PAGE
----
WHAT IS A PATENT?
A patent is a limited monopoly granted in respect of an invention. It confers the right to the owner to exclude others from making, using or selling the invention. The right is conferred to the inventor by a national or regional authority. The right is limited in terms of territory and duration.
WHAT CAN A PATENT BE GRANTED FOR?
Patents can be granted for any inventions which are susceptible of industrial application, which are novel and which involve an inventive step.
> Invention: an invention is the creation of a new device, composition of matter, method or use.
> Industrial applicability: the invention must serve a worthwile practical use.
> Novelty: the invention has not been disclosed as such in the prior art.
> Inventive step: the invention would not have been obvious for a person skilled in th art at the time of making the invention.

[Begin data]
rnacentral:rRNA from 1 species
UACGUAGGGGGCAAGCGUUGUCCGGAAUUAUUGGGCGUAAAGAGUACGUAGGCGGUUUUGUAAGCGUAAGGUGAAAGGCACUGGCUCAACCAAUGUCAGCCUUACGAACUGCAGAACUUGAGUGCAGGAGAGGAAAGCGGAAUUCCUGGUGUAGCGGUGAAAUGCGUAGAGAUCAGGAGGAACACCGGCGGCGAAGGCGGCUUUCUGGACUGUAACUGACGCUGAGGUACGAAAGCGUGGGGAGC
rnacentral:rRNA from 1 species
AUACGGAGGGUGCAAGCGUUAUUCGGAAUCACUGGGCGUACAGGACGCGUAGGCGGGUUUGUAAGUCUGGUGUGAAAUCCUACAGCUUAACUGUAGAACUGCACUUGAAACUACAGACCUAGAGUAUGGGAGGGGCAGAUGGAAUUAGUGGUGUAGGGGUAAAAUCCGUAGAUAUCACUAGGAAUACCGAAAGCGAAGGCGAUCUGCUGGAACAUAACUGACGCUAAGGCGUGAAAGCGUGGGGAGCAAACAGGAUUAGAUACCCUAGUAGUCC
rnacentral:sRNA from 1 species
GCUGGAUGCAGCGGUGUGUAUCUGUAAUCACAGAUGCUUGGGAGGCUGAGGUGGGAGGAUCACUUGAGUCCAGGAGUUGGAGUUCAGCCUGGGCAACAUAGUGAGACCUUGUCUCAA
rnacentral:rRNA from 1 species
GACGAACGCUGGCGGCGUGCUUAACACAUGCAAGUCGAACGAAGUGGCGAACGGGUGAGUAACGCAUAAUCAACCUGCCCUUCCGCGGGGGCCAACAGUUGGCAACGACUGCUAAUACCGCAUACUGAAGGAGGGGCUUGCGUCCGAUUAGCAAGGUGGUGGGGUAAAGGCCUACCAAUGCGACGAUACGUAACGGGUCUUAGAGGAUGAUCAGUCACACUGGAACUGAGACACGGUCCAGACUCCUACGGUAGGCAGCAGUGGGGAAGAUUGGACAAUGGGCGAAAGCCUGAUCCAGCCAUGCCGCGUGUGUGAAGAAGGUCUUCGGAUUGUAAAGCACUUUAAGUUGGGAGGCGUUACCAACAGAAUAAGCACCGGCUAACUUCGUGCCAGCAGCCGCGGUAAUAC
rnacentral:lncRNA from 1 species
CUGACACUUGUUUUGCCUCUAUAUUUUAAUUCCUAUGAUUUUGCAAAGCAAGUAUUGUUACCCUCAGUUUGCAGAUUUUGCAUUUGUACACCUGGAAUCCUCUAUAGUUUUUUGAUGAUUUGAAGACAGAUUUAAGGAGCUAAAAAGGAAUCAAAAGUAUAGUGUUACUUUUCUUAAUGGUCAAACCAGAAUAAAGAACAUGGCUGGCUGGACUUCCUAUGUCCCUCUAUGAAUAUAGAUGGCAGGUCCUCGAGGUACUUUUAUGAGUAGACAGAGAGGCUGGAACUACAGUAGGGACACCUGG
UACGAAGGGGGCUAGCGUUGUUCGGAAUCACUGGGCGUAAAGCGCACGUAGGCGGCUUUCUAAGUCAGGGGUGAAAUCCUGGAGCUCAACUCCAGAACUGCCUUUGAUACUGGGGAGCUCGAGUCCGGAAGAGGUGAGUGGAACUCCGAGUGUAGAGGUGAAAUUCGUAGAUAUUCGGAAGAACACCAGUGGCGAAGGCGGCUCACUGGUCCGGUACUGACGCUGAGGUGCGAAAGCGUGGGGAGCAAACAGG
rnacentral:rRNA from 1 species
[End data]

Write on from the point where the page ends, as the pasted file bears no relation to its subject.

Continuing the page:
Prior art is any public disclosure, not made under confidentiality, in oral or written or any other form.
EUROPEAN PATENT APPLICATION
> the EP procedure explained
Upon grant of a European patent, the European patent needs to be validated in those countries where protection is to be obtained. The requirements for validating vary depending on the country selected. Aside from possible fees and possible representation being required, also the translation requirements vary from country to country.
INTERNATIONAL PATENT APPLICATION
> the PCT procedure explained
The PCT now (1 March 2019) has 152 contracting states.
There is a time limit for entry into national/regional phase of a PCT application: countries with entry on 30 months and countries with entry on 31 months.